Blog post #3

Starting the 30" high top build

Kelvin Smith

11/23/20204 min read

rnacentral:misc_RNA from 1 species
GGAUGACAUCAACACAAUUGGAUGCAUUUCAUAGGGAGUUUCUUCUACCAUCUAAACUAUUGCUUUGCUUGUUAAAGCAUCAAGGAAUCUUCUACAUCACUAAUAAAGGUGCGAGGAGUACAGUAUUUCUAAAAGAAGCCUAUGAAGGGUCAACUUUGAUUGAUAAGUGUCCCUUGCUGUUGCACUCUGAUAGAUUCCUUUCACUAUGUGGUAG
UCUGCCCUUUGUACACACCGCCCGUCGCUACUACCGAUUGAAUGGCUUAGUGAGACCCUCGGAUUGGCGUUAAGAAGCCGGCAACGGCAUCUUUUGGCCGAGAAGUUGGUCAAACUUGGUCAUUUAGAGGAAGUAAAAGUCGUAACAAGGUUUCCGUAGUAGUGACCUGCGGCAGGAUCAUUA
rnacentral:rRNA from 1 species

So here's where it really begins.  I plan quite a bit in my head for my projects, but when it comes to measurements, things really need to be drawn out and added up.  I won't go into massive detail about this, but I made some careful considerations as to how I would integrate my design with the van structure and certainly made some drawings.  I knew I wanted something big, but how big?  How big would be safe and how heavy could it be? I searched a bunch of pictures online and looked at the "off the shelf" tops for ideas on what to do and especially what NOT to do.  I mean, why do something small when you can do something big? After all you could just grab a conversion van top or a fiberglass top and call it a day right?  Then of course the van would look like a bunch of others.  For me, if I'm going to put in the effort it needs to be worth it.  I decided on a 30" tall top with an over cab bunk which will allow a 3/4 bed (that's a thing apparently).  The design, considering the dimensions of the van, would allow for 51" wide and just over 15' length.  Since I was going to cut the top off the van I needed it to be structurally sound, as the new top would take over some of the structural rigidity from the stock roof. I started by using 1.5"  1/8th inch mild steel angle iron in continuous lengths to run the length of the roof and beyond the front.  This would be the guide to which the actual frame would be welded to.  I drilled holes through the roof from the underside on the pinch welds at each of the roof cross brace locations and bolted the angle iron to these points.  There are 5 points on each side and in the front there would be two additional bolts in the center on the front foremost roof brace, as this location would have the most force extorted upon it. I used cheap low grade bolts initially to hold the angle iron in place while I built the rest. These later were replaced with 12 grade 8 bolts with matching grade nylon locking nuts.  By using this method, the stock drip rails on the van would continue to function as designed to allow water to move from the top down (nobody wants leaks right).  The structure material is 1" 1/16th" square mild steel.  I chose this because it is relatively strong, lightweight, and easy to weld.  It would also be easy to rivet the panels into later and attaching things as needed on the inside for the build.  I made the front section on the ground and made sure that all the angles were correct.  I fully welding this piece on the ground (easier) and then proceeded to make a back section.  The back section was needed to ensure that the top would be straight and level once the pieces began to be assembled. I placed the pieces onto the top into the channels and I then proceeded to tie the front (tack welded) into the rear, by taking measurements to ensure it aligned properly.  Once this was done I welded it every 6" to 1 foot with 1-2" welds to the angle iron.  I then began to add additional trusses, and the all the square tubing was welded in all areas.  The front window and rear side windows I purchased on EBAY beforehand, so I knew exactly what dimensions the window frames would need to be.